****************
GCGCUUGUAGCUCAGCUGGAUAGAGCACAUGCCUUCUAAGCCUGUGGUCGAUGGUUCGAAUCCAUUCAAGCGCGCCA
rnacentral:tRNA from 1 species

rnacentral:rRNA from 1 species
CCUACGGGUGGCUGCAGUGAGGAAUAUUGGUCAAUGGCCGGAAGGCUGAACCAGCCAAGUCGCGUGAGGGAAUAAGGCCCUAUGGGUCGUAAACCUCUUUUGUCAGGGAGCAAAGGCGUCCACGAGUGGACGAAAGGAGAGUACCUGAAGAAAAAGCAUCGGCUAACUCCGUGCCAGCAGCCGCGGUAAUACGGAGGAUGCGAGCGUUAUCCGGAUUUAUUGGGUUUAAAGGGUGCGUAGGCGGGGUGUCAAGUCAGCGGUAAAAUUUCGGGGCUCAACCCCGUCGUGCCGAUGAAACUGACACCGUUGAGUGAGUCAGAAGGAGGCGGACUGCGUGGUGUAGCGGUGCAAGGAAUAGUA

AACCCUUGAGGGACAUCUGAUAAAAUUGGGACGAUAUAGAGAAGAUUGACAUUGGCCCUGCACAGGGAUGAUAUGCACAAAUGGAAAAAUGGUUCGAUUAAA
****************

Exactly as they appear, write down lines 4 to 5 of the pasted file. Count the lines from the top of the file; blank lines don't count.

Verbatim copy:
CCUACGGGUGGCUGCAGUGAGGAAUAUUGGUCAAUGGCCGGAAGGCUGAACCAGCCAAGUCGCGUGAGGGAAUAAGGCCCUAUGGGUCGUAAACCUCUUUUGUCAGGGAGCAAAGGCGUCCACGAGUGGACGAAAGGAGAGUACCUGAAGAAAAAGCAUCGGCUAACUCCGUGCCAGCAGCCGCGGUAAUACGGAGGAUGCGAGCGUUAUCCGGAUUUAUUGGGUUUAAAGGGUGCGUAGGCGGGGUGUCAAGUCAGCGGUAAAAUUUCGGGGCUCAACCCCGUCGUGCCGAUGAAACUGACACCGUUGAGUGAGUCAGAAGGAGGCGGACUGCGUGGUGUAGCGGUGCAAGGAAUAGUA

AACCCUUGAGGGACAUCUGAUAAAAUUGGGACGAUAUAGAGAAGAUUGACAUUGGCCCUGCACAGGGAUGAUAUGCACAAAUGGAAAAAUGGUUCGAUUAAA